By Karisma Price
Please Lord, let it be
a dog dead in the street
and not a woman black
as me. Today was a good
day. I drowned my hash browns
in a plate of ketchup and David Ruffin
sang about the bee’s envy. I rode
the subway without complaining
today and there was no delay
after crossing the Brooklyn Bridge.
The only crimes I witnessed
were the solid-built man refusing
to rise and let the old woman sit
on the hard plastic of subway seat,
and the white woman who was bold
enough to leave her apartment
with “dreadlocks” tangling out her scalp.
Today, I almost forgot
that I was far away from my mother
and her growing hands that would grease
the driest parts of my scalp without being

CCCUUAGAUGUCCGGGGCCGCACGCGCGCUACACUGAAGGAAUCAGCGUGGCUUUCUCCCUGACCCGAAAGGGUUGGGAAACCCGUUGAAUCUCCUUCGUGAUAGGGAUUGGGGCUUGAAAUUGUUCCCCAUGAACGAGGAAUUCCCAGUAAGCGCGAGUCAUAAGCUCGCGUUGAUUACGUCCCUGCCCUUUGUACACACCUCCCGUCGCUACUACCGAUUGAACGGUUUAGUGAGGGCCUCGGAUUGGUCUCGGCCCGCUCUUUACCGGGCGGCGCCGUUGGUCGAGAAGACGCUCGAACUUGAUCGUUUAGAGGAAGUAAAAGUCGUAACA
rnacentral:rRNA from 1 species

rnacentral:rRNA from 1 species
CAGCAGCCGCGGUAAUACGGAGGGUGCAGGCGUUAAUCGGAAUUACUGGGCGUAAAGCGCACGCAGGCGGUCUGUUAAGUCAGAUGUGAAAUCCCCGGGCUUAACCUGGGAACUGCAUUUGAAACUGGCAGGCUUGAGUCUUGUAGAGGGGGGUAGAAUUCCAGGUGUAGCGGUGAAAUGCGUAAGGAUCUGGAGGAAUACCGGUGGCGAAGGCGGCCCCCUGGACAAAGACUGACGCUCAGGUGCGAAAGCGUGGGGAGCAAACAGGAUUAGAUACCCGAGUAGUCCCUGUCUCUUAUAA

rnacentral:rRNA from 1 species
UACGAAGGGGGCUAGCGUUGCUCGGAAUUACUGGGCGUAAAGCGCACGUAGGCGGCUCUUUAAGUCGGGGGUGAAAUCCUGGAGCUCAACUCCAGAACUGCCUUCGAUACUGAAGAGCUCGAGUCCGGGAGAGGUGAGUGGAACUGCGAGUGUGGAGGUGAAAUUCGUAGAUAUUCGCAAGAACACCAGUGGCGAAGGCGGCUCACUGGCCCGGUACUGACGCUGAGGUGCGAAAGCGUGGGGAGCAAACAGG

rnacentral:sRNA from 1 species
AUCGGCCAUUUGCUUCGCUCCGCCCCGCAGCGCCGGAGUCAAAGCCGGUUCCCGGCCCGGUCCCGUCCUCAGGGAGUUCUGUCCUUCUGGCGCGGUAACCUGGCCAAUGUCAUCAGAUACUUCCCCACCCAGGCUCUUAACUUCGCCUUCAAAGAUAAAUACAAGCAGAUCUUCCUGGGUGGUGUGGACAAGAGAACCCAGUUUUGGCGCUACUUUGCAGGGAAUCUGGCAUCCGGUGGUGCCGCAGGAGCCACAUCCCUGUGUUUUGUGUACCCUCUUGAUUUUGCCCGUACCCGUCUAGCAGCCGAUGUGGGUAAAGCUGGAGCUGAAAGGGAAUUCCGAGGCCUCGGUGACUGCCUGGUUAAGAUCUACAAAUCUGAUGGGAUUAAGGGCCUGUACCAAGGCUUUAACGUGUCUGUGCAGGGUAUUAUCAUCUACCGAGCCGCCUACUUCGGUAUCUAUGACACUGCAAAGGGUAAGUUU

asked to. Today, I almost forgot
that anyone who doesn’t share my face
would care if I went missing. Maxine
should be the name of a Jack Russell
or a Retriever that has escaped
its leash and run into the street
for some type of wet freedom
nothing else but the rain offers.
I know nothing of pet ownership
but I know what it is like to fear
the night and every precious thing
that can get lost in it.
Karisma Price is a Cave Canem Fellow and an MFA candidate in poetry at New York University. Her work has appeared or is forthcoming in Narrative Magazine, Four Way Review, The Boiler, Vinyl, and elsewhere. Originally from New Orleans, Karisma lives in New York City, and along with Kwame Opoku-Duku III, she is a founding member of the Unbnd Collective.